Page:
Wow! What a mouthful!

1) Sounds like Emanuel was a completely unbiased participant on the Oxburgh Inquiry Panel, doesn't it? Does anyone still have any doubts about the objectiveness of Oxburgh and Co.? A real vindication of Jones and CRU, eh?

2) The double speak about "tired of seeing scholarship enslaved to ideology" is absolutely disgusting -- Climatology has degenerated into nothing but ideology. As Patrick Michaels recently remarked in the WSJ:
"Climate Research and several other journals have stopped accepting anything that substantially challenges the received wisdom on global warming perpetuated by the CRU. I have had four perfectly good manuscripts rejected out of hand since the CRU shenanigans, and I'm hardly the only one. Roy Spencer of the University of Alabama, Huntsville, has noted that it's becoming nearly impossible to publish anything on global warming that's nonalarmist in peer-reviewed journals."

Jul 29, 2010 at 7:20 PM | Unregistered CommenterDrCrinum

One of the most illuminating remarks by Emanuel in his piece is: "Thus into the arena steps a whole host of charlatans posing as climate scientists." We therefore know where he was coming from when he sat on the Oxburgh panel. By implication he makes the suggestion that Steve McIntyre is one of a whole host of charlatans.

One thing Steve McIntyre does not do is pose as a climate scientist, despite frequently being invited to do so. Steve McIntyre is a statistician whose professional expertise was the analysis and, where appropriate, the demolition (or verification) of optimistic mining hockey sticks. He has shown that the Climategate climate scientists have been dreadful at statistics. The whole catastrophic warming scenario depends on competent statistical analysis. Remembering that the British are masters of understatement (which provides numerous cultural misunderstandings with our friends across the pond – see BP’s Tony Hayward’s experience), the killer, second excoriating conclusion of the Oxburgh enquiry is:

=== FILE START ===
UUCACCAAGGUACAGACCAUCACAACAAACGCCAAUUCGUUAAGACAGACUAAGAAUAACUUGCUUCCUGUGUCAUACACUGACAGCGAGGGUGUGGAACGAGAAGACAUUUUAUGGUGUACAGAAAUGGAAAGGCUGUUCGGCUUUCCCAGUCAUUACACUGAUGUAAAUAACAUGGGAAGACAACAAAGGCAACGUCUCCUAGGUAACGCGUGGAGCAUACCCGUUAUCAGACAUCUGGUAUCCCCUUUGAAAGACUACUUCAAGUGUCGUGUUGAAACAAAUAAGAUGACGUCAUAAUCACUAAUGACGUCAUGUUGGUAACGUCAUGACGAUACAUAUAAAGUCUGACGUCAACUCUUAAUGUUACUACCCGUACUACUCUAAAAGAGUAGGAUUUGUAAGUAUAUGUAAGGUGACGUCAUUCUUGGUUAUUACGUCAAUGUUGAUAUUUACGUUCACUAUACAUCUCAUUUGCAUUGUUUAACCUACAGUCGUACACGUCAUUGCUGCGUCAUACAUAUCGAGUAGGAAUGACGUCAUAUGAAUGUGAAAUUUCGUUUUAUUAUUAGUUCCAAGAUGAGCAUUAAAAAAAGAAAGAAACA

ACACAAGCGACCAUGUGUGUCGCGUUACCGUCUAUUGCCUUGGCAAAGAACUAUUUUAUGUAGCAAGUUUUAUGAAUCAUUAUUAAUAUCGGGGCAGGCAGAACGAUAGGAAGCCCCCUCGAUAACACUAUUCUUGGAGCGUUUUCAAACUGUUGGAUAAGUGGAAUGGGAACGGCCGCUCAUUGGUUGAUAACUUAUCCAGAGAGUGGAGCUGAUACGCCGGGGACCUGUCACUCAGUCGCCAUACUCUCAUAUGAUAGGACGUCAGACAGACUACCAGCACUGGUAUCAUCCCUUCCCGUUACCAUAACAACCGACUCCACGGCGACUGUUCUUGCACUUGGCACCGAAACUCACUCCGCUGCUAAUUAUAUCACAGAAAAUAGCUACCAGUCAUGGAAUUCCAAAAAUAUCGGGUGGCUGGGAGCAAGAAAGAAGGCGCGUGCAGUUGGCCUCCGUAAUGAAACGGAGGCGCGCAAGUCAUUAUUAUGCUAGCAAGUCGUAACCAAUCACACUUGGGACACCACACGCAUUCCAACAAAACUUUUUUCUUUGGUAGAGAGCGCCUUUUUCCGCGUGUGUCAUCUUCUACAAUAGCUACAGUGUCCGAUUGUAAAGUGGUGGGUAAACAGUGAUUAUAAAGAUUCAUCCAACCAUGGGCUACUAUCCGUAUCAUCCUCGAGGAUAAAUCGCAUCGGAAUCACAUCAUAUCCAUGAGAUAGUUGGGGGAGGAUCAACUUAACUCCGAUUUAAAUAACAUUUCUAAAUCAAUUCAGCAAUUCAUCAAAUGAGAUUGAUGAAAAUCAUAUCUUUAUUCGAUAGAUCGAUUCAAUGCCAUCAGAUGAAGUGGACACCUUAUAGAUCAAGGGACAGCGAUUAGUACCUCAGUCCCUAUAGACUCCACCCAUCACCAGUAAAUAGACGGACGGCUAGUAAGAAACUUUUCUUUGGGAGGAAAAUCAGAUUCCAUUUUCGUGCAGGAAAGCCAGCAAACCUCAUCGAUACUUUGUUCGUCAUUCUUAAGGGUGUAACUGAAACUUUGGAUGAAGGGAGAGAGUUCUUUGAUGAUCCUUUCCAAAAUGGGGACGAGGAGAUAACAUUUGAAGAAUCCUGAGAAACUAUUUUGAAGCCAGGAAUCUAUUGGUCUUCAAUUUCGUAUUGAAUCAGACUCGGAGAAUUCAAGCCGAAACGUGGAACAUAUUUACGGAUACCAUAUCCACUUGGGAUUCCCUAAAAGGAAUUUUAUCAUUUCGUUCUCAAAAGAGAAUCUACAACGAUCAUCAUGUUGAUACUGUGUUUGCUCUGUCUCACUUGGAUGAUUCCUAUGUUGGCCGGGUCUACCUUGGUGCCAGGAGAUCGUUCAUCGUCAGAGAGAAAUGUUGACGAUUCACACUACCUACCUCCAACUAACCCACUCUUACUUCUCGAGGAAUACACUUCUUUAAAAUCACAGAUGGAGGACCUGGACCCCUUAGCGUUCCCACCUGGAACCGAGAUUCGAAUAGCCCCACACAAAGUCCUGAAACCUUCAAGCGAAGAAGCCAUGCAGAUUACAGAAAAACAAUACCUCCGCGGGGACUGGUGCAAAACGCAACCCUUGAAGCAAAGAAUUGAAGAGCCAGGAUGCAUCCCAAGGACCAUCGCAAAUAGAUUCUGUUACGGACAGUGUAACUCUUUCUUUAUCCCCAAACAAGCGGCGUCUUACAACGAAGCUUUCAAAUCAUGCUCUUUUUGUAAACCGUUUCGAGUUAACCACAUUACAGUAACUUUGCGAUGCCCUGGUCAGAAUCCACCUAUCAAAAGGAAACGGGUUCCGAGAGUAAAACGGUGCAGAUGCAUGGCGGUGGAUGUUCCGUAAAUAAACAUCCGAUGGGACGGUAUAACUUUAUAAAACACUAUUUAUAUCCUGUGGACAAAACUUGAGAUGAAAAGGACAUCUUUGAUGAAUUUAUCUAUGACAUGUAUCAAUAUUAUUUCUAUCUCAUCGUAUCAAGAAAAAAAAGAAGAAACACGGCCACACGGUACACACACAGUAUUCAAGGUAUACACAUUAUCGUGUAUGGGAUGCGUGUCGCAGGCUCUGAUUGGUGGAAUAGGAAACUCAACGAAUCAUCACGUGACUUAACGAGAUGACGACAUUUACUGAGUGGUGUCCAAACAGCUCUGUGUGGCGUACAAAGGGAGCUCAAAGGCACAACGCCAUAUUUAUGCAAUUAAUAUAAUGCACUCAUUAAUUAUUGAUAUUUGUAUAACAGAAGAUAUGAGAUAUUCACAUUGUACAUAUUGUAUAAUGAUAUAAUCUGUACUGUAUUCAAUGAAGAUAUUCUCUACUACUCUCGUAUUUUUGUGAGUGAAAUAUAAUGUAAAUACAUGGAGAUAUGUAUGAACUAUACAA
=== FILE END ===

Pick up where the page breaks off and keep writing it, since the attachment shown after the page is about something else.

“We cannot help remarking that it is very surprising that research in an area that
depends so heavily on statistical methods has not been carried out in close
collaboration with professional statisticians. Indeed there would be mutual
benefit if there were closer collaboration and interaction between CRU and a
much wider scientific group outside the relatively small international circle of
temperature specialists.”

Jul 30, 2010 at 10:39 AM | Unregistered CommenterMike Post

Re: hro001 and Jone's first shovel full:

Unless the alternative views are in the peer-reviewed literature, the Intergovernmental Panel on Climate Change cannot refer to them.

Yet subsequent literature searches on the IPCC showed AR4 was quite happy to rely on magazines, NGO and activist web sites, tourist guides and a vast array of grey and murky literature. But this is all part of the shell game. Challenge your opponent to publish, knowing a small clique of right-minded climate scientists will likely be asked to review it, and they can then reject it.

But regardless of whether it was a "review for a journal" or a "peer reviewed paper" ... why on earth would an author "need time to develop a dataset" after this "review" (which presumably was based on some data) was published?

See Hockey Stick Illusion for more details :)

They've published numerous 'peer reviewed' papers without providing supporting data to validate their results. People like Steve McIntyre have reverse-engineered it, found errors, so datasets have had to be developed to try and support the original paper(s).

Or, the data were just so sloppy and badly organised, they'd need time to clean it up. But then that's been the big problem with CRU. They seem very disorganised and sloppy from the Harry readme file and more concerned about jetting off to conferences than practicing quality data management. To me it's a bit strange CRU's now been invited to participate in the JISC data project, unless they're there as a case study of what not to do.

As for Catholics, current or lapsed, I wasn't lucky enough to have nuns, just Jesuits :p

Jul 30, 2010 at 3:44 PM | Unregistered CommenterAtomic Hairdryer